Wireless Medical Device Security: In 2008, my colleagues and I published the first academic security analysis of a real, wireless implantable medical device. This work helped initiate the field of medical device security and resulted in significant changes within industry and government. The executive producers of Homeland incorporated medical device security into their TV show after reading about our research. My subsequent work includes studies with patients and medical providers, and encompasses cardiac devices, insulin pumps and glucose monitors, telerobotic surgery, and brain-machine interface devices. For the latter, we coined the term neurosecurity. Our vision is outlined in a 2010 New England Journal of Medicine article. We co-founded the USENIX HealthSec conference in 2010. My ongoing work is focused on telerobotic surgery.
Automotive Computer Security: In 2010 and 2011, my colleagues and I published the first experimental computer security analyses of a modern automobile, including research results demonstrating the ability to remotely compromise a vehicle over cellular, Bluetooth, and other non-contact means. This work has been cited as the impetus for the creation of a $70M DARPA effort (HACMS) as well as significant changes within the automotive industry and government. This work also received the 2021 American Association for the Advancement of Science (AAAS) Golden Goose Award. This is our project page.
Augmented and Mixed Reality, Computer Security, and Privacy: In 2011, my colleagues and I initiated a research program focused on computer security and privacy risks with next-generation augmented and mixed reality technology. Our program began at a time before Google Glass (and many more recent technologies) were announced. Our research is broad and includes, for example, the design of systems, users studies, a collaboration with neuroscientists, and hosting an academic-industry workshop. This is our project page.
Computer Security and Smarthome Technologies: In 2012, my colleagues and I published a paper titled "Computer Security in the Modern Home." This paper articulated our vision for computer security and privacy for smarthome technologies, for the decades to come. Our 2012 article is based on work that we did prior to 2012. We continue to conduct research in this space. Example works include our discovery of security and privacy risks with wireless toy robots, our discovery that it is possible for devices monitoring a home’s powerline to infer information about what is being displayed on a TV, our discovery that it is possible for a compromised device controlling an electrical outlet to "pop" lightbulbs, and our study of security and privacy risks and practices when the owners of a residence are not the occupants (e.g., in the case of vacation rentals by owners).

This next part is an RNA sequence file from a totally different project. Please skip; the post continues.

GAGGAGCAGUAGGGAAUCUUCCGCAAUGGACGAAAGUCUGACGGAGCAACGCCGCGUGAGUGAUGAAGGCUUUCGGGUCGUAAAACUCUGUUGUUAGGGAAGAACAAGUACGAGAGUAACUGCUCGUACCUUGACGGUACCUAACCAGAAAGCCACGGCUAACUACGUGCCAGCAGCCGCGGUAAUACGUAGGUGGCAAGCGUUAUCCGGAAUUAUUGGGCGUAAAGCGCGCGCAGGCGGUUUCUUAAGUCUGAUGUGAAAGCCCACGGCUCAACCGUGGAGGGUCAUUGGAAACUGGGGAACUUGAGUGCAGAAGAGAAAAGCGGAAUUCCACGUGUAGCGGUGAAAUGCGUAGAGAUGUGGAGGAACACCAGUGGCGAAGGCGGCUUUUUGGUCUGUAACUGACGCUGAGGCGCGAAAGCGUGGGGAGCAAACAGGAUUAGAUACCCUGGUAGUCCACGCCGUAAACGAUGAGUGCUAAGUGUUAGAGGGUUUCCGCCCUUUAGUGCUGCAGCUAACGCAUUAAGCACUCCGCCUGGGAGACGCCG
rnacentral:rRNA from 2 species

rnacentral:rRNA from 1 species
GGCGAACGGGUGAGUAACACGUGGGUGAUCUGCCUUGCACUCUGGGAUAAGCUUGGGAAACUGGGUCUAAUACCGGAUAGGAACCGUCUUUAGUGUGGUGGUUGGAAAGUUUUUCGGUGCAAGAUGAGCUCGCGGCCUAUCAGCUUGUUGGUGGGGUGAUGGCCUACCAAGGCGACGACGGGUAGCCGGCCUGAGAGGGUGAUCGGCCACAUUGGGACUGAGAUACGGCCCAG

Web Tracking, Privacy, and Ads: In 2012, my colleagues and I published one of the first measurement studies of the privacy risks with online web tracking. We continue to study the advertising ecosystem from a security and privacy lens. We used the Wayback Machine to retroactively study web tracking in the past. We explored the means by which the purchasers of ads can use the advertising ecosystem as a large-scale surveillance platform (see also minute 21:00 and onward of Last Week Tonight). We have also studied clickbait and deceptive ads on news and misinformation sites.